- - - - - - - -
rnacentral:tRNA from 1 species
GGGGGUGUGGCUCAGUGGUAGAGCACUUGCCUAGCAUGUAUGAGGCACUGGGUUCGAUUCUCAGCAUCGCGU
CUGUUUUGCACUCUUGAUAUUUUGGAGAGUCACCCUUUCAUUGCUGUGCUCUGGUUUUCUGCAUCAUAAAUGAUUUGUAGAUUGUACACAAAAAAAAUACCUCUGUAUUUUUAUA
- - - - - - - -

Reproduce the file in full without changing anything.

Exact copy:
rnacentral:tRNA from 1 species
GGGGGUGUGGCUCAGUGGUAGAGCACUUGCCUAGCAUGUAUGAGGCACUGGGUUCGAUUCUCAGCAUCGCGU
CUGUUUUGCACUCUUGAUAUUUUGGAGAGUCACCCUUUCAUUGCUGUGCUCUGGUUUUCUGCAUCAUAAAUGAUUUGUAGAUUGUACACAAAAAAAAUACCUCUGUAUUUUUAUA